7. A friend from Galway has two of them and the male dog was Finbar’s best friend in Bordeaux much to my astonishment having been absolutely terrified of anything remotely resembling a Weimeraner after the attack. Congo was actually frightened of Finbar which boosted Finbar’s ego no end. There was quite a fashion for them in Bordeaux and they all seemed pretty witless as dogs go, bouncy, uncontrollable and thick as planks.

      8. *need* = *bred* Like all things there are good and bad I am sure but I tend to be suspicious of people’s ability to handle large boisterous dogs who are need to kill. One should not lose sight of the purpose of a dog’s particular breed

      9. What makes me laugh are those who squawk about avoiding GM foods whilst parading pedigree animals…. where’s the difference – it’s all genetic engineering. Give me a mongrel or a moggy every time and give me foodstuffs that haven’t been fiddled with for purely economic reasons. 🐶🐱🍎🍓🍑🥕🥔🍆☺

      10. I think that’s rather a tall order these days. Even mongrels inherit the warped genes of the dogs their pedigree ancestors. As for the food! Even on the markets half the stuff is imported from a lab in the Netherlands or Spain.

      11. I speak broadly and idealistically as you will know from my writing. I make no apologies for dropping the thought bombs out there and asking people to think about what they are doing. In France, by the way I only buy French, in Britain, British and so on. It’s been my rule for many years to eat foods produced as close to where my feet free as possible (with the exception of avocados and with the caveat that people are welcome to bring me things from their travels). Of course we, as human animals are also apt to demonstrate the warped genes of our ancestors too 😉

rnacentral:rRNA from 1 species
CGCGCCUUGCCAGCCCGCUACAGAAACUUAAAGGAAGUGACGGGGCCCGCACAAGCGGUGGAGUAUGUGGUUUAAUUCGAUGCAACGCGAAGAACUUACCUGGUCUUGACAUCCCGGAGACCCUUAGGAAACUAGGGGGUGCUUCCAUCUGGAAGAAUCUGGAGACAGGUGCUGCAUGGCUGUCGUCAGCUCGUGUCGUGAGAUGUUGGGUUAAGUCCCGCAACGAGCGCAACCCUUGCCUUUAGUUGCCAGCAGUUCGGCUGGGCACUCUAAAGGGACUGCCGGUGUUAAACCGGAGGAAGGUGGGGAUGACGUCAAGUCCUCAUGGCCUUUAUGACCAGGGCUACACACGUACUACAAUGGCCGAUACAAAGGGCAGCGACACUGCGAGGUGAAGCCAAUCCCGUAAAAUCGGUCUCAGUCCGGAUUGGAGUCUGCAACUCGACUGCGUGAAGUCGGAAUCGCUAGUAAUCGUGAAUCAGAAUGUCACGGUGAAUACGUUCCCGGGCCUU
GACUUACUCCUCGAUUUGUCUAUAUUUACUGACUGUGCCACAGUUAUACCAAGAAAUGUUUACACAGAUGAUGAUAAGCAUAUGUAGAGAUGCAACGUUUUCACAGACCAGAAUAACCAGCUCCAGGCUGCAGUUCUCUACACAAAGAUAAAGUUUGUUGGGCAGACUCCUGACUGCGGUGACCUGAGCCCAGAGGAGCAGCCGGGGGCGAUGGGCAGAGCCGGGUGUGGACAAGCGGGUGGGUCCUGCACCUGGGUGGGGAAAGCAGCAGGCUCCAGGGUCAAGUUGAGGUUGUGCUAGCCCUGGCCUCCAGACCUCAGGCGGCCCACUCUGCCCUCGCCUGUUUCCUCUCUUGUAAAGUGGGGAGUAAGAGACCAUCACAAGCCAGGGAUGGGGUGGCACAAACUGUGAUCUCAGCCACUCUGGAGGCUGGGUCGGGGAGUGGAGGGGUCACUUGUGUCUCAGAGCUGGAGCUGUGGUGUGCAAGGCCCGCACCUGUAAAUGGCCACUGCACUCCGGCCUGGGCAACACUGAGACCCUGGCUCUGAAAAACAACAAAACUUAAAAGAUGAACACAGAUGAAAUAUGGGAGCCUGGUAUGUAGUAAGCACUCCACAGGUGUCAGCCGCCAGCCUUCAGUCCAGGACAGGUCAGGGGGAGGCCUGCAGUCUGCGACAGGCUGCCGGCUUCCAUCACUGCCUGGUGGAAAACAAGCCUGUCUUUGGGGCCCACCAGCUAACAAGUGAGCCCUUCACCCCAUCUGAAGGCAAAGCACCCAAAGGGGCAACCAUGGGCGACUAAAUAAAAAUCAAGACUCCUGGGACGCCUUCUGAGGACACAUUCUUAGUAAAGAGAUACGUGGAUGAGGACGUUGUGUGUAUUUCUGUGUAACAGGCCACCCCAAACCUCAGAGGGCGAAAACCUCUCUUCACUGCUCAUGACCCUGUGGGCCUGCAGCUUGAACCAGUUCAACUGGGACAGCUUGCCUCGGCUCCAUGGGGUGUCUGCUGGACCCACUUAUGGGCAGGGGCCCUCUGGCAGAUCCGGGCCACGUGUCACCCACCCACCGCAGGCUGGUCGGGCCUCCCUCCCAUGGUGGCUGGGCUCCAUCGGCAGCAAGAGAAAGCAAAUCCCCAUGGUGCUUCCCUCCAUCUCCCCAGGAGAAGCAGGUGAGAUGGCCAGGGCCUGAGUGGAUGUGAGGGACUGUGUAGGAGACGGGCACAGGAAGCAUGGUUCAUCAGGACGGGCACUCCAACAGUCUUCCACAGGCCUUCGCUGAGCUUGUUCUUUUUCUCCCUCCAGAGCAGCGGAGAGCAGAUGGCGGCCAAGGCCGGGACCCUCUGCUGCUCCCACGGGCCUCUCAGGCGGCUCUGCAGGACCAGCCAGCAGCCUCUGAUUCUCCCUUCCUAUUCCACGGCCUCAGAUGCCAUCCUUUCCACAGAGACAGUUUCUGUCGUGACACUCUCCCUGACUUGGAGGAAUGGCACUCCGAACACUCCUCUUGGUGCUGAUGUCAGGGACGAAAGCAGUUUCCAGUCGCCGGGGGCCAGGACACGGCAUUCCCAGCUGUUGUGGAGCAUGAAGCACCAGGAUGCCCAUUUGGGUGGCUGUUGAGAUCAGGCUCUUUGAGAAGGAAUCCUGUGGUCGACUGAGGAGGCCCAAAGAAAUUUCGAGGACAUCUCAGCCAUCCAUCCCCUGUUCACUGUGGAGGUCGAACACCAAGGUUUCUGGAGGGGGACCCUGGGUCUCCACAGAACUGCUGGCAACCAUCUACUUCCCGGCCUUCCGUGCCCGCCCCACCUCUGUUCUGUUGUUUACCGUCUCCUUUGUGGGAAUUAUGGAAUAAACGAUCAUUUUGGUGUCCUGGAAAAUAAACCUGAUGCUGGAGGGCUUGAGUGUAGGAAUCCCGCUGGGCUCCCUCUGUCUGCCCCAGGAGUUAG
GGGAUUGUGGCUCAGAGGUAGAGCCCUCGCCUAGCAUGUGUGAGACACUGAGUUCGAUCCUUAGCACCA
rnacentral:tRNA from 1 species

12. Two of my daughters are vegan. Very laudable and I admire them for it, but they buy all sorts of food that was grown on the other side of the planet, refined and packaged somewhere else, and totally foreign to temperature European climates. I don’t know why they can’t just admit that if you are cutting out all foodstuffs of animal origin you are going to be eating vegetables, pulses, seeds, grains and fruit. They insist on trying to imitate things like spaghetti carbonara and explain how the soya whatever gives it an eggy consistency, and the dried mushrooms are exactly like lardons, but they’re not. It just tastes horrible to me. Pasta needs parmesan anyway and you just can’t fake it.